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Deflection of an electron due to gravity.

  1. Jan 16, 2008 #1
    1. The problem statement, all variables and given/known data
    There are two parts to the question.
    A)Why is gravity not important during JJ Thomsons experiment?
    b)what is the deflection due to gravity?
    Given variables.
    In a thomson spectromoter set at 10^4 (V/m). deflection with out the magnetic field applied equals .10 radians over a L of .050 m.
    Speed of electron with magnetic field applied is 2.9x10^7 m/s.
    Strength of Magnetic field is 3.4x10^-4 T.


    2. Relevant equations
    I don't know what they are....


    3. The attempt at a solution
    A) in the experiment the effects of gravity were negated by the application of a magnetic field perpendicular to that of the electric field, to help over come any deflection caused by gravity.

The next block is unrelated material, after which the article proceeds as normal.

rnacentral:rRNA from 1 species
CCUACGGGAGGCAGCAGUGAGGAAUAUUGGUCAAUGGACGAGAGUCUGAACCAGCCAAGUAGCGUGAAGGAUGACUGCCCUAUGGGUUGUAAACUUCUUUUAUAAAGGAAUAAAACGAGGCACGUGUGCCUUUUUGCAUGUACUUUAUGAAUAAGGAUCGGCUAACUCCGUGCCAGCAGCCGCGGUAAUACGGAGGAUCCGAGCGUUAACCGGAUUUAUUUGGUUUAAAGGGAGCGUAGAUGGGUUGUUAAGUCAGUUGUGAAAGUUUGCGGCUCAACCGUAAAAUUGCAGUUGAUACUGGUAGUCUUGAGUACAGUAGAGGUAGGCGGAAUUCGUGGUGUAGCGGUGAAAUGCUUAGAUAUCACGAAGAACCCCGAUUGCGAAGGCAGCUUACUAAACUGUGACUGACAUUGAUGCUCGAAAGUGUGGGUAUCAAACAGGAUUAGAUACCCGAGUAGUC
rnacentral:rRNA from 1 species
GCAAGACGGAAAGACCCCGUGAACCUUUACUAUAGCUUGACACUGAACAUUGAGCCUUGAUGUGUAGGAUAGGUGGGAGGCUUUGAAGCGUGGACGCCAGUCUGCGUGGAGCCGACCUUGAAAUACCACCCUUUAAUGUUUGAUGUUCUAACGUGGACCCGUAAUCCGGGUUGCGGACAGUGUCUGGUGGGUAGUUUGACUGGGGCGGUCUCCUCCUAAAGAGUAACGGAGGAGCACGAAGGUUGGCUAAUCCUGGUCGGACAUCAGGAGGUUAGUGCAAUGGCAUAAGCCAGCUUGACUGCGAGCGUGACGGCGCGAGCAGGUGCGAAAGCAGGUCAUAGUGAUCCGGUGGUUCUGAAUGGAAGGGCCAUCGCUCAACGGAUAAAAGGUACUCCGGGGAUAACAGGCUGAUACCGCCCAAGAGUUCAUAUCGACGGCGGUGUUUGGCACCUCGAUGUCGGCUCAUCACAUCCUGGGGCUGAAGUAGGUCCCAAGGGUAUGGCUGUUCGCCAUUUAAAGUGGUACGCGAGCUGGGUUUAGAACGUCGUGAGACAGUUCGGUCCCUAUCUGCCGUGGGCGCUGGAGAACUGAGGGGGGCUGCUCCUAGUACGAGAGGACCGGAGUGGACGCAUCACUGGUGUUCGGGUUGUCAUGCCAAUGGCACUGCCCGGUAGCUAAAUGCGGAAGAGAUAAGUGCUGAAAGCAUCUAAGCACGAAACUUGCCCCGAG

B) I really don't know how to go about this.
    EDIT:
    I thought about it a little more...would I just be using the velocity, time distance and deflection angle to solve this??
    Like...a particle fired at a zero degree angle?
     
    Last edited: Jan 16, 2008
  2. jcsd
  3. Jan 17, 2008 #2
    Alright so as far as I have it figured.
    v(y) = gt

    then take v(y)/v(x) and take the inverse tan of it to get the answer.
    It gives the angle of deflection in radians. The answer I got does not match that of the book but is close enough. It's a very small number.
    the answer the book was looking for was 10^-15 m.

    Now if it's done by taking .5(at^2) i get another answer, but the order is wrong. It comes out to something like 1.7x10^-17 or something or other.


    Any ideas what exactly they did??
     
  4. Jan 17, 2008 #3
    is it a GR problem or wat do you need to use GR Action or What???
     
  5. Jan 18, 2008 #4
    General Relatvity??
    No it is not. The speed is to slow.
     
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